In his report, the sniper must be able to transport his readers into his hide with him. The reader must be able to clearly see what the sniper saw, think what the sniper thought, and as a result, agree with what the sniper did. An officer who routinely writes poor or incomplete reports probably is not a good sniper candidate.
Putting it Together
There’s another aspect to the sniper’s mental makeup that is also critical but much more difficult to explain. I like to call it non-linear thinking.
Non-linear thinking is a blend of creativity, imagination, common sense, and reasoning, and it’s critical to the success of a SWAT sniper. Tactical situations are typically fluid, changing from minute to minute. In such an environment, abstract thinking is required to solve problems and plan strategies in a constantly changing scenario.
Consequently, a sniper needs to be able to assimilate data, put together disassociated scraps of information gathered from various sources, fill in the blanks, and draw correct conclusions. It’s this talent that gives the sniper the ability to act independently, without the need for someone to make every decision for him. This will come in handy in every phase of a tactical operation, from planning a stalk to executing a shot.
The Easiest Part
You’ll notice that I’ve discussed what’s required of a good SWAT sniper candidate for more than a thousand words now, and I haven’t mentioned shooting talent. The reason for this is quite simple. Contrary to popular belief, it takes much more than rifle skills to be a successful sniper.
Don’t get me wrong. Good marksmanship is, of course, a plus in a sniper candidate, but it’s not a necessary prerequisite.
Shooting is a mechanical act, an acquired motor skill. A student with the ability and desire to learn can be taught the fundamentals that will allow him to be an accomplished rifle shooter. The same holds true for field craft skills. In short, your best sniper candidate may not be your best shot or your best woodsman.
We’ve discussed all the aspects of a sniper that makes him such an important asset in a critical incident. He’s fast, agile, fit, keen-sighted, smart, observant, and he can analyze a situation and act on it without being told what to do.
But there’s one other thing that a sniper candidate has to bring to the job: the ability and willingness to kill.
Talking about this aspect of sniper duty makes some administrators squirm. But the bottom line is that a sniper maybe required to kill. Of course, any police officer may have to kill in the line of duty, but for snipers it’s different.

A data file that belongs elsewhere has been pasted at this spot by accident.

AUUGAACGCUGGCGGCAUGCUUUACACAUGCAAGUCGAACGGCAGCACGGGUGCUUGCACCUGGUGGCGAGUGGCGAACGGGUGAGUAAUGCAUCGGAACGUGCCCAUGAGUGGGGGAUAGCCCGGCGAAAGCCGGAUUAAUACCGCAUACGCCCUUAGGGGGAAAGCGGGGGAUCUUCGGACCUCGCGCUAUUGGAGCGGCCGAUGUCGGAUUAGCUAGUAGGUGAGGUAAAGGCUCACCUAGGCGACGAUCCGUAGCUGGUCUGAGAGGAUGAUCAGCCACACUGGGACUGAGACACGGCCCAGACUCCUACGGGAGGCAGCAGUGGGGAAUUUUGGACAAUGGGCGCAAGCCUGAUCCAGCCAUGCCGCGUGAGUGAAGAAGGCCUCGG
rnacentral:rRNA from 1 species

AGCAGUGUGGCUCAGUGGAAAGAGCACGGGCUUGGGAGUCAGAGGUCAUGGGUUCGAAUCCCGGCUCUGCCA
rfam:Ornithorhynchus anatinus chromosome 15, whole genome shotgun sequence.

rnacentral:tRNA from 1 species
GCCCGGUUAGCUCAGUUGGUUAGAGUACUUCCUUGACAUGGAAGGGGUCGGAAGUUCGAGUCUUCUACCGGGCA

Most of us were taught from a very young age that it is wrong to kill another human being. Then in the police academy, we were slowly conditioned to accept that, under some circumstances, we might have to use deadly force. To reinforce that conditioning, we were sent to the shooting range and told, “When the target turns and faces, you will draw, and fire two rounds.”This, we learned, was to be our response to a life-threatening situation.
But the police sniper is faced with a different situation. In most cases, he sits in a hide, undetected by his potential target. From this position of relative safety, the sniper observes his target, perhaps for hours, creating a unique level of intimacy between the target and the sniper. Then if the situation dictates, the sniper will put his crosshairs on this individual and put a bullet between his or her eyes.
Not everyone is capable of the emotional detachment necessary to kill another human being in such a premeditated fashion. The ability and willingness to do so requires the sniper to work through a number of ethical, legal, and moral issues. Still, even in the face of extreme danger, some people can’t kill. And they should never be police sniper candidates.
The only person who can provide an answer to the question, “Will you kill?”is the sniper candidate himself. Self-examination and honesty now are of the utmost importance. Looking through your scope at a living target, with the lives of others in the balance, is not the time to finally admit to yourself that the answer is, “No, I can’t do it.”